Emily Ekins and I have an op‐ed in today’s Politico pointing out that while the Tea Party is united on economic issues, there is a split virtually right down the middle between traditional social conservatives and those who think government should altogether stay out of the business of “promoting traditional values.” Candidates and representatives hoping to appeal to the Tea Party, we argue, need to focus on a unifying economic agenda that takes into account this strong libertarian undercurrent.
We conducted a survey of 639 attendees at the October 9, 2010 Tea Party Convention in Virginia, one of the larger state Tea Party gatherings of its kind to date. We included the same questions from Gallup and the American National Election Studies that David Boaz and I have used to identify libertarians in our previous studies, “The Libertarian Vote” and “The Libertarian Vote in the Age of Obama.”
In our new survey, we found libertarians were 48 percent of Tea Partiers, versus 51 percent who held traditional conservative views. We defined traditional conservatives as agreeing that “the less government the better,” and that “the free market can handle these problems without government being involved,” but also believing that “the government should promote traditional values.” Tea Party libertarians agreed that less government is better, and prefer free markets, but believe that “the government should not favor any particular set of values.”
These findings help refute the assumption that the Tea Party is just another conservative group, both fiscally and socially. The data should also caution Republicans not to over‐interpret potential midterm gains in the House and Senate as a mandate for social as well as fiscal conservatism.
Our survey replicated the methodology of a Politico/Targetpoint survey from a Tea Party rally in April, which also revealed an even split between libertarians and conservatives. At the time, journalist David Weigel criticized this finding because it sampled a tea party rally that featured Ron Paul. No surprise, Weigel reasoned, that the survey “skewed” libertarian because Ron Paul’s supporters “were out in force.”
This Tea Party Convention in Virginia also featured Ron Paul—as well as Lou Dobbs, Rick Santorum and Ken Cuccinelli. With this more wide‐ranging speaker line up, it would be harder to argue that the crowd skewed libertarian. If anything, we might have expected the sample to skew conservative.
While ours and Politico’s surveys sampled local tea party events, add to this a new national survey from The Washington Post/Kaiser/Harvard on the role of government. It found respondents who support or lean toward the tea party split on the social issues: 42 percent moderate‐to‐liberal, 57 percent conservative or very conservative. These three data points, taken together, suggest that our findings would likely hold up if we repeated the survey at other tea party events nationwide.
Many still mistake the tea party as one large group, sharing common interests, which our research shows is incorrect. For instance, Washington Post columnist Harold Meyerson made this mistake, in an widely circulated op‐ed earlier this week, asserting that the Tea Party has “the worldview of the American right — and the polling shows conclusively that that’s who the Tea Party is that.” As the chart below shows, libertarian and conservative Tea Partiers agree on economic issues, but libertarians are less concerned about social issues.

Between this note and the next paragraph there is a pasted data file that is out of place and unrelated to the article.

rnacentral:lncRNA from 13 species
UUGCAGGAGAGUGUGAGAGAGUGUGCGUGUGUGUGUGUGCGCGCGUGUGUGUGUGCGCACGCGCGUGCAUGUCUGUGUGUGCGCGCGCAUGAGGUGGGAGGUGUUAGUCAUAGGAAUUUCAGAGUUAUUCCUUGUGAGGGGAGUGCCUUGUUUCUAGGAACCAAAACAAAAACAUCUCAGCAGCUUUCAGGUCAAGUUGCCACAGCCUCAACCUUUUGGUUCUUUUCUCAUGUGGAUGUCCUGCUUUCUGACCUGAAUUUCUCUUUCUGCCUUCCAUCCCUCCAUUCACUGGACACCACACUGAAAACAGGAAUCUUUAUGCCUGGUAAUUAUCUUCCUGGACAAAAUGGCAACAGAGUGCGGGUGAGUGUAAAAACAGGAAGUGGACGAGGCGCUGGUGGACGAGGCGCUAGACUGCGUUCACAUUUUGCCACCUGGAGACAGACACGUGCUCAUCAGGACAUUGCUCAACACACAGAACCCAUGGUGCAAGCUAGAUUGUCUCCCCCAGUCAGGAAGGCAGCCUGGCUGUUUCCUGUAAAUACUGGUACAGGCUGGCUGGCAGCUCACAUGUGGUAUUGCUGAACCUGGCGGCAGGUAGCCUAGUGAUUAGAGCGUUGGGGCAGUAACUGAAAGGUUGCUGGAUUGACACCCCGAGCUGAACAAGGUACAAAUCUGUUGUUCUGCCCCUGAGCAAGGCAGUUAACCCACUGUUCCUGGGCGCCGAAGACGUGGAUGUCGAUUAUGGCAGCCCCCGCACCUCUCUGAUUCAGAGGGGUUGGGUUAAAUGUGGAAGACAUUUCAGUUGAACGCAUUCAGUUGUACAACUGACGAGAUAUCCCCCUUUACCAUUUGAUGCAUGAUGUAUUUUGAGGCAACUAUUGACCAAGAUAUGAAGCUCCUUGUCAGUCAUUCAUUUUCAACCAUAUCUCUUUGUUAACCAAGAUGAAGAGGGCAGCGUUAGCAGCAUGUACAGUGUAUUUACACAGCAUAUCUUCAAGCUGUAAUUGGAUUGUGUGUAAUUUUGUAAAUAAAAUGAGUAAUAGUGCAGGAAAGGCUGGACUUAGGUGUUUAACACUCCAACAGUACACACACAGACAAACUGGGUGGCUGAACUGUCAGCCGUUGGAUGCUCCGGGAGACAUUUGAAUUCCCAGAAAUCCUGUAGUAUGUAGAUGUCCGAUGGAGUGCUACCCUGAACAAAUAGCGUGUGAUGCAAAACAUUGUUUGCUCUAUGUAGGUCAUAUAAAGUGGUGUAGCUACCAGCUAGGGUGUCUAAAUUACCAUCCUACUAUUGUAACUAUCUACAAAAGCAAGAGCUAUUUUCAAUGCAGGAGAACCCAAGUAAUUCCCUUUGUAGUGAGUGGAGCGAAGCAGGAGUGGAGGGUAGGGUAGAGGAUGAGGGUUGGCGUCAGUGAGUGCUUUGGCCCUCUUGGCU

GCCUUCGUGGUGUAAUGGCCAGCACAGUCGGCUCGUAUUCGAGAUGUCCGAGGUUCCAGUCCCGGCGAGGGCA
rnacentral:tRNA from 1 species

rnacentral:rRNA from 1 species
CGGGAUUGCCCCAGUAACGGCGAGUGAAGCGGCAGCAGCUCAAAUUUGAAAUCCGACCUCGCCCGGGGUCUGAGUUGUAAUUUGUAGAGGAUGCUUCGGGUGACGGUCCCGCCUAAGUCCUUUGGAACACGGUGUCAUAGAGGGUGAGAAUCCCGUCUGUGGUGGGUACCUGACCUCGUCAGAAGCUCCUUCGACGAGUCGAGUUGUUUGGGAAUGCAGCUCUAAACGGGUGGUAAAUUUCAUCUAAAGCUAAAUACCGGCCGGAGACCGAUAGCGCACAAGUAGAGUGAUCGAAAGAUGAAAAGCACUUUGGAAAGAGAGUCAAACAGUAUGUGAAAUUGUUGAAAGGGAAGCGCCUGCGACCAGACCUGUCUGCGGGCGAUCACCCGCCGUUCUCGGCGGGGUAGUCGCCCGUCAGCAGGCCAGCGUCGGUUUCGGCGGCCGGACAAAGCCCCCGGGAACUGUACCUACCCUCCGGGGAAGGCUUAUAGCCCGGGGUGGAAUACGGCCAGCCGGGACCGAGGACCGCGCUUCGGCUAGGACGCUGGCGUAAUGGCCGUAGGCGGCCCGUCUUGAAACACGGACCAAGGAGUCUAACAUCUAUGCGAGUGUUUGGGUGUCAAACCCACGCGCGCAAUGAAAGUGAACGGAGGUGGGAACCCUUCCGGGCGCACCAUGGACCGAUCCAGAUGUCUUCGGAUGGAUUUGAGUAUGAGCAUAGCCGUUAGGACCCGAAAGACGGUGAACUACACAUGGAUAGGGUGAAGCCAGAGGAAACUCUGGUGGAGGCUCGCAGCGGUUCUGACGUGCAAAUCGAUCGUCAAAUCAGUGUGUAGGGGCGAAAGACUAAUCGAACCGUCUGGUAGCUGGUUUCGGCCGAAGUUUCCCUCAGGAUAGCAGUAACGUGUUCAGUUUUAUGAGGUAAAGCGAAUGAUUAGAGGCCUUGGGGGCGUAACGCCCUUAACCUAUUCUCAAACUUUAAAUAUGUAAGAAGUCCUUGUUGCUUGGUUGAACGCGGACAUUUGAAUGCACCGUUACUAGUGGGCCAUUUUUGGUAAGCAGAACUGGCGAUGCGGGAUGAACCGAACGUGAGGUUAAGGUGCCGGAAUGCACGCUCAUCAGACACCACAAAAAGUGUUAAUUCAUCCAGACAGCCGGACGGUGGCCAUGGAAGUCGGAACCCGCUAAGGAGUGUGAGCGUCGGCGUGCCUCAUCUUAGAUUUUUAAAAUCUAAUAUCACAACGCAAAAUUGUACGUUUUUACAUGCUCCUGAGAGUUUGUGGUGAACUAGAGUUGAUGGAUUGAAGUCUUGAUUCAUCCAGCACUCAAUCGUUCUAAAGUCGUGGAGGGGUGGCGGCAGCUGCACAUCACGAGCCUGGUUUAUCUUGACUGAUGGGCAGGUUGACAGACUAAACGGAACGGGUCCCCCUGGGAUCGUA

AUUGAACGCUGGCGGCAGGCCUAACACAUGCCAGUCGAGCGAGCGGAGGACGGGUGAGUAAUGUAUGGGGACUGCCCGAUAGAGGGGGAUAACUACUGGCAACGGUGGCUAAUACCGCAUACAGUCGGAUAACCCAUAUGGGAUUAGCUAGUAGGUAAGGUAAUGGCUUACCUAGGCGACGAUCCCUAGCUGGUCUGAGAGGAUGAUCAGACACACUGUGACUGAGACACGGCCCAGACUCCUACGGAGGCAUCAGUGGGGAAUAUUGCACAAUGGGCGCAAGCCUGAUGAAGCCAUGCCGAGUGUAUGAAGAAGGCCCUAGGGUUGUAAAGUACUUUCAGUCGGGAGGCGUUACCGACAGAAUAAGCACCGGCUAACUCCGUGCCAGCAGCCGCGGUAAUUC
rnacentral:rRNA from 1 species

Both groups are extremely concerned about the recently passed health care reform, cutting federal government spending, and reducing the size of government. However, Tea Party libertarians are less concerned than conservatives about the moral direction of the country, gay marriage, immigration, job outsourcing, “the Mosque in NYC,” and abortion. While these differences may seem subtle, given the question wording we used, small changes are statistically significant.
It is important to recognize that these groups are not necessarily consistently ideological on all fronts. For example, we shouldn’t expect Tea Party conservatives to reflect all the views of William F. Buckley, Jr., nor Tea Party libertarians to reflect all the views of John Stossel or scholars at Cato. Nevertheless, the two groups were unified on economic issues but were different on social and cultural issues at a statistically significant level.
One finding surprised me. While we know the word “libertarian” remains unfamiliar to many who hold libertarian beliefs, the word may be gaining traction. On surveys, most libertarians identify themselves as independent, moderate or, reluctantly, conservative. However, in our survey we included an option for respondents to self‐identify as “libertarian.”
Surprisingly, 35 percent of respondents who hold libertarian views self‐identified as such. In previous surveys, we’ve found only 2 to 3 percent self‐identify as “libertarian” nationally. To the extent that Tea Partiers talk to their neighbors and friends, perhaps we will begin to see the word “libertarian” catch on. This would certainly be good news for the “libertarian brand,” and a possible trend worth exploring in future research.
Emily and I will be writing up our findings as part of a longer study. And Emily’s more extensive research on the Tea Party, including her widely circulated analysis on Tea Party signs, will be part of her doctoral dissertation for UCLA. In the meantime, here is our survey questionnaire, and some charts showing further break down between libertarians and conservatives. Please let us know if you have additional data questions.